It’s hard to believe it has been one month since the deadly tornadoes and storms of April 27th left us, leaving behind billions of dollars of damage, loss of loved ones and friends, the vast destruction of homes, which left us wondering “Where is God in all of this?” We have seen these past few weeks that God was in the hands and feet of each individual reaching out to help, in every meal shared among strangers, and in our churches and they opened their doors.
And yet, even after one month, the vast devastation remains—not just to our homes but to our hearts as well.
I am reminded, especially as we approach the end of the season of Easter, when Christ ascended and left the disciples and his followers with a vast task—building God’s church. I imagine the task at hand seemed so large for this small group of people who probably felt inadequate, frustrated at times, and not knowing where to start.
I’m sure many of us feel the same way. There is so much to clean up, much more to rebuild, and so many lives to be restored. Yet, God is calling us to do it, much like the disciples left to build God’s church. How will we answer?
In the coming weeks we will begin to transition in to the long-term recovery phase of this disaster. Rev. Nancy Cole will be coordinating this long-term recovery effort alongside Rev. John Hassell, Disaster Response Coordinator, and myself. This means several things: looking not only to clean-up but also rebuilding, mobilizing more volunteers through Volunteers in Mission (UMVIM), establishing long-term plans and goals in various areas for rebuilding, and remaining flexible in how we respond to this disaster. In the coming weeks, we will offer more solid details of this plan after consulting with those in the disaster areas. I hope you will offer your support to Nancy and all involved in the long-term recovery effort as it begins to take shape.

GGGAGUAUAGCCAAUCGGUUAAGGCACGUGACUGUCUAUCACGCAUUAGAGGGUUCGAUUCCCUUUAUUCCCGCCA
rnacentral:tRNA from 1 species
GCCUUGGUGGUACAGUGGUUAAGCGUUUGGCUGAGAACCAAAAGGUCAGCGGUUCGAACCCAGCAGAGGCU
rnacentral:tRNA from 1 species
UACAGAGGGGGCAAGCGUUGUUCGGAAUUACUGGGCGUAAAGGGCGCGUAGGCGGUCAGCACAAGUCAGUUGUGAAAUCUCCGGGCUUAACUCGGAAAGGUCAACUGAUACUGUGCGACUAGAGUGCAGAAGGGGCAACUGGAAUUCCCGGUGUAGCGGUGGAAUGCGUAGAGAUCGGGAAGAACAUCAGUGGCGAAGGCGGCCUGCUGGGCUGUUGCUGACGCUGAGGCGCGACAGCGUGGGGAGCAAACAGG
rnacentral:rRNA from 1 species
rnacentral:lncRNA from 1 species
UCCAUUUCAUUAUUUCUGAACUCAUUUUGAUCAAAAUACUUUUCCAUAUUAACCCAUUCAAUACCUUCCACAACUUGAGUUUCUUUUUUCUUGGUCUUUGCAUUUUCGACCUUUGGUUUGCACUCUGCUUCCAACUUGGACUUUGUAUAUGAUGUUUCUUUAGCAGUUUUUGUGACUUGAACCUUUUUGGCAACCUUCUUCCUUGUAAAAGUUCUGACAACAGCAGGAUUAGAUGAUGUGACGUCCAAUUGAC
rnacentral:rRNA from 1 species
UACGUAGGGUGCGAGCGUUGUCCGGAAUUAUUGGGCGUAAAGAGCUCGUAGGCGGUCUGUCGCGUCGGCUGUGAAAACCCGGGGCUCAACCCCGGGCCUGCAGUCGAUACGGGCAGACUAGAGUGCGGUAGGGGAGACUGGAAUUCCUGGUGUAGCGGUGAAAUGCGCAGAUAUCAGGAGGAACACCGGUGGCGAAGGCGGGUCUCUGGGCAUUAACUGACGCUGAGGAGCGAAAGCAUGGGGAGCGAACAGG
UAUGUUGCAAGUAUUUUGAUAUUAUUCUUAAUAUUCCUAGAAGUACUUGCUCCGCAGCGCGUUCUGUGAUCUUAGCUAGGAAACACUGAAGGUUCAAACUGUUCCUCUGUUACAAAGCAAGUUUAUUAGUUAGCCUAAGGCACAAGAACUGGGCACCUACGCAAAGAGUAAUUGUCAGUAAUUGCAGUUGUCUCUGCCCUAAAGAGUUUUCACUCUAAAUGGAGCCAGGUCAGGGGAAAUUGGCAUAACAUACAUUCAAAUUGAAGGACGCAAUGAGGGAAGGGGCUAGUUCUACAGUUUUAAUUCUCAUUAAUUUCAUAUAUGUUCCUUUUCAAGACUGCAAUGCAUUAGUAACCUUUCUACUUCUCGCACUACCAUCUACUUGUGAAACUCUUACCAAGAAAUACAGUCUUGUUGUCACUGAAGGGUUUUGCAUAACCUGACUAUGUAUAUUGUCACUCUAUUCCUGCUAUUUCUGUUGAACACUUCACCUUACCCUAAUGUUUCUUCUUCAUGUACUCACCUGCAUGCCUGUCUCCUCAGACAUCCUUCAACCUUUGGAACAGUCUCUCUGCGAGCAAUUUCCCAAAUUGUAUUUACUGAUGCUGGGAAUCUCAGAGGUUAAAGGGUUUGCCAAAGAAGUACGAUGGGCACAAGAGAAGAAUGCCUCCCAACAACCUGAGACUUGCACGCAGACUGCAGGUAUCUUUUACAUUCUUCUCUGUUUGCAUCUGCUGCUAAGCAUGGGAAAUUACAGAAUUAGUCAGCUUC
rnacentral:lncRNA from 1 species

We are beginning to envision what this will look like: various concentrated work areas for volunteers to plug-in on a district level, churches or other facilities which will house volunteers for the longer-term, and the conference devoting personnel and material resources to this particular disaster. Continuous fundraising among our local churches, and other Annual Conferences, will be a tremendous part of this effort as well.
We also are paying attention to the emotional needs of all involved in this disaster area and recovery by offering several trainings for pastoral care teams by Rev. Sherri Ferguson. Calming After the Storm Workshop - Long Term Spiritual & Emotional Care Following Disaster will be offered on June 20, 2011 at Pleasant Hill UMC; on June 21, 2011 at Gadsden First UMC; and on June 22, 2011 at Central UMC in Decatur. Each of these workshopswill be from 9 a.m. to noon. These trainings are designed for clergy, along with their church leadership (strongly encouraged) and anyone who considers themselves a care-giver in any way during this recovery time.
The storms of April 27th were a huge hit for many in Alabama. Recovery is a very large task. As United Methodists, we can’t do everything; but what we do we will do well, in the spirit of Christ, looking to show God’s love to all we encounter.
Rev. Matt Lacey, Director of Mission and Advocacy, North Alabama Conference